How can some organizations experience so much success in implementing a Six Sigma continuous improvement program while others fail to fully achieve the desired results? The answer lies in their approach to the program.

By Asoke Das Sarma

Six Sigma is a management system/business strategy which has delivered huge business benefits to many organizations across the globe, cutting across all industry boundaries. The benefits are delivered by individual improvement projects that are identified and executed by the employees of the organization. These improvement projects are aligned to important business value drivers for the organization, and the accumulation of business benefits from these individual improvement projects adds up to a large increase in profit for the organization.

While the paragraph above is true for some businesses, other organizations stumble in the attempt to achieve the potential benefits of a Six Sigma program. A chief executive officer of a well-known German Bank once lamented, “We have only realized a fraction of the savings these very reputable consultants promised us. Next time they ask for my time to hear their pep talk, I’ll throw them out of the window.” Yet some organizations (like GE, Motorola, Caterpillar, DuPont and Dow Chemical) claim billions of dollars of saving though implementation of Six Sigma. How can some be so successful while others fail to achieve the desired results? The answer lies in their approach to the program.

Three Reasons for Six Sigma Initiatives

First, consider why organizations take up process improvement initiatives. The reasons fall into three broad categories:

1. Due to requirement from customer: Many clients demand that their vendors should follow a quality model like ISO and CMMI (for software organizations). Thus, these become the minimum requirement (hygiene factors) to get business from these clients. Many companies feel that quality improvement models are an overhead which needs to be absorbed to get business from such clients. Thus the expenses are padded in their costs. Unfortunately, too many organizations view process improvement models as overhead, only necessary to satisfy clients.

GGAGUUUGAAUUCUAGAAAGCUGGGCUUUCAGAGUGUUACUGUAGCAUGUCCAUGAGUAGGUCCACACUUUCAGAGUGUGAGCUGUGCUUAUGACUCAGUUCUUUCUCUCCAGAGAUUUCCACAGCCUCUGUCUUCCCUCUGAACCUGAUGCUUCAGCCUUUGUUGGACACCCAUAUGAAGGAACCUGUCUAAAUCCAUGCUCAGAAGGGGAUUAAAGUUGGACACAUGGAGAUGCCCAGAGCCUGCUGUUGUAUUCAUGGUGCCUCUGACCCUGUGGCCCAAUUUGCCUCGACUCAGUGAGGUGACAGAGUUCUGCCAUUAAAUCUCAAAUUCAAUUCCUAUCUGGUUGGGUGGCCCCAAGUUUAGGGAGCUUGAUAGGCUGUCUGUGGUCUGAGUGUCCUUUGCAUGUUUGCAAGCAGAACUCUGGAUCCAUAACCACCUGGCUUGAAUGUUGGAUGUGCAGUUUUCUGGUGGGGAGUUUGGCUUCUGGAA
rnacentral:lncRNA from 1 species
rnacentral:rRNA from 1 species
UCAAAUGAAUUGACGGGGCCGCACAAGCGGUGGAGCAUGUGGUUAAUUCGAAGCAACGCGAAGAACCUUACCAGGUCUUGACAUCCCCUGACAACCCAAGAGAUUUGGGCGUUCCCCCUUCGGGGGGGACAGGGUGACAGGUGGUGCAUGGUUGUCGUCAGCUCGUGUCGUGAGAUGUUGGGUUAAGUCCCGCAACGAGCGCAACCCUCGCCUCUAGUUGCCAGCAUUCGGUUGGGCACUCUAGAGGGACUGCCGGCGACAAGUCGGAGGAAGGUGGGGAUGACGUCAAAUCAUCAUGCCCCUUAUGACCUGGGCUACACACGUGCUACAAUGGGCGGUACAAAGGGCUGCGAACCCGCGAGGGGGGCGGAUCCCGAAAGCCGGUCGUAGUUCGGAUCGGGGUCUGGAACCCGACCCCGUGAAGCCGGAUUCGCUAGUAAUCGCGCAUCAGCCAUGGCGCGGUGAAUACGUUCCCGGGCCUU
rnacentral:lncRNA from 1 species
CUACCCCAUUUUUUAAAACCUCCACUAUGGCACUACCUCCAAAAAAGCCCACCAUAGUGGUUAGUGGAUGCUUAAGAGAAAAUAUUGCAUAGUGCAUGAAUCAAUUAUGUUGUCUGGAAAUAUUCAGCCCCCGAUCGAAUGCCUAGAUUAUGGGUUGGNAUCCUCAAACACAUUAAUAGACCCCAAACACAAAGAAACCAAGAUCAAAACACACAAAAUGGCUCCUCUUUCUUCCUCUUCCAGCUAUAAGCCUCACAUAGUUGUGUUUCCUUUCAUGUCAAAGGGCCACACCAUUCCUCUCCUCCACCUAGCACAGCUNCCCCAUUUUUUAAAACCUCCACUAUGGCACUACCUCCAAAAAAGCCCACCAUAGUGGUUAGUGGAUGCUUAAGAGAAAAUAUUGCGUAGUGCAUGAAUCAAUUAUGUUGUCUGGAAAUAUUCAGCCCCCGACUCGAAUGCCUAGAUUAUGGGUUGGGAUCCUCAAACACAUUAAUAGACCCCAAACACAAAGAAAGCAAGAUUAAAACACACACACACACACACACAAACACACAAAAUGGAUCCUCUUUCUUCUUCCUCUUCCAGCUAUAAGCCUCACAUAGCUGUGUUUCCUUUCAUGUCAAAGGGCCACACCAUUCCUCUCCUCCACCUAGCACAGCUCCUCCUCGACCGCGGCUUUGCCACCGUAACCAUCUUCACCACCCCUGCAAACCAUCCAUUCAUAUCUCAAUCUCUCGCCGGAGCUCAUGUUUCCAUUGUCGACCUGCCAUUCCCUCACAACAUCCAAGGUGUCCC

2. To establish parity with competition: A smaller number of organizations follow process improvement models because it is fashionable to do so, sometimes these organizations are under competitive pressure. Thus their main objective for starting process improvement activities is to be ahead of their competitors so that they are viewed in a good light by their clients.

3. To improve organizational business performance: Too few organizations take up process improvement purely to improve actual business performance. And similarly, too few CEO’s truly think that quality improvement can lead to bottom line gain and thus it makes sense to invest in quality.

Minimum Effort Means Minimum Results

If an organization’s process improvement and Six Sigma implementation objective falls in the first two categories, then an organization needs only a minimal effort to ensure that its Six Sigma program will reach its goal. The organization will still need a Six Sigma core team with a high energy level. It must be a team that can work in an environment where there is little management mandate to implement Six Sigma. In addition, such an organization will typically be weak in the reward and recognition mechanism for Six Sigma practitioners. Thus it is important for whoever is leading the program to design some incentives, including certification opportunities, to motivate the practitioners.

Once the incentive is in place and rigorous follow-up is ensured by the Six Sigma implementation team, there will be a number of successful Six Sigma projects. Some of the completed projects will provide significant benefit to the organization, and some practitioners will learn the value of methodical problem solving and become highly vocal advocates of Six Sigma. And the organization, by and large, will be able to showcase to its customers its so-called “successful” Six Sigma initiative.